The Robert W. and A-Young M. Woody Lecture Series

The Robert W. and A-Young M. Woody Lecture Series was established by Dr. Robert and Dr. A-Young Woody to provide an endowed lectureship series for the Department of Biochemistry and Molecular Biology. The lectureship series enables the department to invite distinguished scientists to campus to deliver lectures and to meet with faculty, students and postdoctoral research associates.

We were thrilled to have Dr. Rachel Green deliver the most recent Woody Lecture entitled “Ribosome collisions trigger cell fate signaling pathways” on October 26, 2021.  Dr. Rachel Green is a professor of Molecular Biology and Genetics at John Hopkins University School of Medicine and a Howard Hughes Medical Institute Investigator.

Previous speakers of the Woody Lecture series:  Dr. Kim Orth, Professor of Molecular Biology, University of Texas Southwestern Medical Center and HHMI,  presented “Black Spot, Black Death, Black Pearl:  The tales of Bacterial Effectors” on October 15, 2019.  Dr. Wesley Sundquist, Samuels Professor of Biochemistry, University of Utah School of Medicine, presented “Membrane Remodeling by the ESCRT Pathway” on June 11, 2018.   Dr. Thomas Pollard, Sterling Professor of Molecular Cellular and Developmental Biology, Yale University, presented “Quantitative analysis of the mechanisms of cellular motility, endocytosis and cytokinesis,” on March 14, 2014.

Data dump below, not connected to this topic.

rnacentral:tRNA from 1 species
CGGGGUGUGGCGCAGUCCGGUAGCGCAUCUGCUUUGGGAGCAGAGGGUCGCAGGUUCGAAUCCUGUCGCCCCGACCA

Dr. Carlos Bustamante (UC-Berkeley and HHMI) presented the inaugural lecture in the Robert W. and A-Young M. Woody Lectureship Series entitled, “Grabbing the cat by the tail: Discrete steps by a DNA packaging motor and the inter-subunit coordination in a ring-ATPase,” on Thursday, March 3, 2011.

Robert Woody received a B.S. in Chemistry from Iowa State College in 1958 and a Ph.D. in Chemistry from the University of California, Berkeley in 1962.  A-Young M. Woody received a B.S. in Chemistry from UC Berkeley and a Ph.D. in Biochemistry from Cornell University in 1964.  Robert and A-Young were faculty members in the Department of Biochemistry at Colorado State University from 1975 until their retirements in 2008 and 2004, respectively.